Some drivers in the UK are being overcharged by over £1,000 by dealerships when taking out car finance loans, according to the Financial Conduct Authority.
The financial regulator said due to dealers setting their own interest rates, consumers are paying around £300 million more each year than they should be. According to their report, the widely used model which lets the brokers earn commission from higher interest rates has led to a conflict of interest that is unfair on borrowers.
“We found that some motor dealers are overcharging unsuspecting customers over a thousand pounds in interest charges, in order to obtain bigger commission payouts for themselves,” said Jonathan Davidson, director of supervision for retail and authorisations at the FCA. “We estimate this could be costing consumers £300m annually. This is unacceptable and we will act to address harm caused by this business model.
“We also have concerns that firms may be failing to meet their existing obligations in relation to pre-contract disclosure and explanations, and affordability assessments. This is simply not good enough and we expect firms to review their operations to address our concerns.”
The FCA launched their investigation into the car finance market back in April 2017, after concerns about the rise in consumer credit. The regulator sent out mystery shoppers as part of their research and found that dealerships were failing to disclose complete or clear information to customers about their finance deals.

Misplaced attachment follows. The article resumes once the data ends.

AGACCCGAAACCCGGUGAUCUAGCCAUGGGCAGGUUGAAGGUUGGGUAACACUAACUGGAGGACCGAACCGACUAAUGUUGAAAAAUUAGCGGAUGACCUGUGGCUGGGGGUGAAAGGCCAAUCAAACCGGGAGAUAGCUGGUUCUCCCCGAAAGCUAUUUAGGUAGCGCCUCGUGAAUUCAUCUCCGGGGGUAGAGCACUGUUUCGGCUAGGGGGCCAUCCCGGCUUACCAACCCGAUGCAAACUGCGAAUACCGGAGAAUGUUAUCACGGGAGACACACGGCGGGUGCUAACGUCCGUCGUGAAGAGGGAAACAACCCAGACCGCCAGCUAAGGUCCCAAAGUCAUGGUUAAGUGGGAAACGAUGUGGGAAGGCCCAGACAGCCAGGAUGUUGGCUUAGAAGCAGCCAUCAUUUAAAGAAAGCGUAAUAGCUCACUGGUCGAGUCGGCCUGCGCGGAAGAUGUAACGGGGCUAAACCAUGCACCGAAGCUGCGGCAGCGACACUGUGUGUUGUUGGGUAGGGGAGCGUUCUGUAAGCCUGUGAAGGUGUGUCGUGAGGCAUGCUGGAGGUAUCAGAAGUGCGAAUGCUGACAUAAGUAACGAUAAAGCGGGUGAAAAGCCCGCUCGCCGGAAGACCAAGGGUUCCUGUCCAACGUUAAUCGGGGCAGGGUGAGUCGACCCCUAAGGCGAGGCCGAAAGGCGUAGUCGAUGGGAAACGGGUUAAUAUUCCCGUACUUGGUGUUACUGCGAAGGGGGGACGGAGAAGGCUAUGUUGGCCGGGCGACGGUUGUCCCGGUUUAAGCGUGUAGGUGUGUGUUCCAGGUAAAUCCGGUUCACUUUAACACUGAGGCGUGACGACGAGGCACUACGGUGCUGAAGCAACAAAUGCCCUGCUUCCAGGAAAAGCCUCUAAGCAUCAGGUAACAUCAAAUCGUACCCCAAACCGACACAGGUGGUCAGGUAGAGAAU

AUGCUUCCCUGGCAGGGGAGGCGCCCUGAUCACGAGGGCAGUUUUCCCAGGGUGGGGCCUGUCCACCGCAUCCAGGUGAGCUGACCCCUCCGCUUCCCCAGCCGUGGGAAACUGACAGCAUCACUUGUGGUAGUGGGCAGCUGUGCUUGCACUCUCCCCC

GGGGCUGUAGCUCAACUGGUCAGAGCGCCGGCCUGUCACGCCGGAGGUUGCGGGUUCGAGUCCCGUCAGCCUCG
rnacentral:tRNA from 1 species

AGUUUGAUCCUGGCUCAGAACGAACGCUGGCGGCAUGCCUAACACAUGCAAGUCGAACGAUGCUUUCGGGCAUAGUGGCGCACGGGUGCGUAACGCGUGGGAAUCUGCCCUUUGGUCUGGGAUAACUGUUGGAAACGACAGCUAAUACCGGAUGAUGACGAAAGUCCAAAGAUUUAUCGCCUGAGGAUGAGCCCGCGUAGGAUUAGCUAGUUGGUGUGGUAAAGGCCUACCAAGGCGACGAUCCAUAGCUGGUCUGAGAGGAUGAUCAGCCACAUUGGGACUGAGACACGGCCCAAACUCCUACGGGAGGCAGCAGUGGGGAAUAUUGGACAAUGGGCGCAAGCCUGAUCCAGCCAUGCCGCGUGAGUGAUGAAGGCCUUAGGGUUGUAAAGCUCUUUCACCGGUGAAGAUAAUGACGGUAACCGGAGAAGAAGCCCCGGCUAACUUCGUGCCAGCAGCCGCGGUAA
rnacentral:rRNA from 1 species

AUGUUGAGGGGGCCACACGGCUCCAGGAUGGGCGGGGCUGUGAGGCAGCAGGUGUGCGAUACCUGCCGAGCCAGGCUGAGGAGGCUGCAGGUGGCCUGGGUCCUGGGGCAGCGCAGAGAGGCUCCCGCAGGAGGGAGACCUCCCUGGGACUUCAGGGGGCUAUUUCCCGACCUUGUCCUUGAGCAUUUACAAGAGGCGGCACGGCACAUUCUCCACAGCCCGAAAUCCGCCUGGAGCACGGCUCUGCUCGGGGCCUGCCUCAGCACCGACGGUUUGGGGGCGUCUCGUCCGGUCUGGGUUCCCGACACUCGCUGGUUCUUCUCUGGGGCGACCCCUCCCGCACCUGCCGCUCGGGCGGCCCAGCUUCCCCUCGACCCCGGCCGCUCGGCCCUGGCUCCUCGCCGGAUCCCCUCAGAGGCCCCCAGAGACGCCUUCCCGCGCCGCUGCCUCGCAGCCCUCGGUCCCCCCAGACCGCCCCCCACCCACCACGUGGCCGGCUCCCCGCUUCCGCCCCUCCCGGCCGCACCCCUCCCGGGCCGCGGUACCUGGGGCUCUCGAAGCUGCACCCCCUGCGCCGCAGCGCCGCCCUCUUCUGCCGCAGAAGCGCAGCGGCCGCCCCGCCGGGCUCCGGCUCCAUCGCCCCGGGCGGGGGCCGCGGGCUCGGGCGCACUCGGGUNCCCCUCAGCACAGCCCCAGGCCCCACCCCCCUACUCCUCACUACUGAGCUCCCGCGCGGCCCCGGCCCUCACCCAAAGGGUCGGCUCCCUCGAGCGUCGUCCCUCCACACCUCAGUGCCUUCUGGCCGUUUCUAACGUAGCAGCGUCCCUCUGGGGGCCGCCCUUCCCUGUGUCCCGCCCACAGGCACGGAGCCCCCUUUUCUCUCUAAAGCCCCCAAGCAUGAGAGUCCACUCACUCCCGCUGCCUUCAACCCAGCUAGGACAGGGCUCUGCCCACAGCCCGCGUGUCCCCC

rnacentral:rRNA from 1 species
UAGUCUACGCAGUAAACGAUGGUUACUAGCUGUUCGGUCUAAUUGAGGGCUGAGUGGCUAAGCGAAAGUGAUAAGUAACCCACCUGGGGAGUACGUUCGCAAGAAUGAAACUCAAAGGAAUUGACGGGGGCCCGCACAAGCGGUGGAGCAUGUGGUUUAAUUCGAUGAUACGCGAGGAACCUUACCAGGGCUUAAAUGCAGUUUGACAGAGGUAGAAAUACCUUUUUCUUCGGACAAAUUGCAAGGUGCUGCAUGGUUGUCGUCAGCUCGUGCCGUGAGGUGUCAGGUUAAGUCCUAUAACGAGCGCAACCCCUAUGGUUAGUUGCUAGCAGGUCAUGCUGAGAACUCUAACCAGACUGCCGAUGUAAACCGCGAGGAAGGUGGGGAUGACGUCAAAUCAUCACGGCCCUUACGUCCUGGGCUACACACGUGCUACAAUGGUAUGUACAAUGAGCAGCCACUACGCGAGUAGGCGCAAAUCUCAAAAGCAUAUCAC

Car finance is now by far the most popular way of buying cars in the UK, with over 90% of private car sales across the country in 2018 financed by some kind of loan, according to the Finance and Leasing Association.
Around four fifths of car finance agreements are personal contract purchases. These deals involve the driver paying a deposit for their car, and then paying off the depreciation in value of the car over a set time frame with interest, usually between 2-3 years. At the end of the deal, the customer then has the option to either give the car back, pay off the remaining value of the car as a balloon payment in order to keep it, or trade in the car for a new one using a new PCP.
The emergence of such loans has allowed people across the country to drive cars they wouldn’t otherwise be able to afford. But the FCA claims that consumers are still paying too much, pointing to the fact that over 95% of car finance brokers use commission models that encourage the dealers to charge higher interest rates.
However, the Finance and Leasing Association, who represent car finance providers, have claimed that the FCA’s findings are outdated with over 80% of their members not using commission models anymore.
Adrian Dally, head of motor finance at the FLA, said the FCA’s claims are “based largely on out-of-date information, and therefore does not reflect the very considerable progress the market has already made in moving away from such structures.”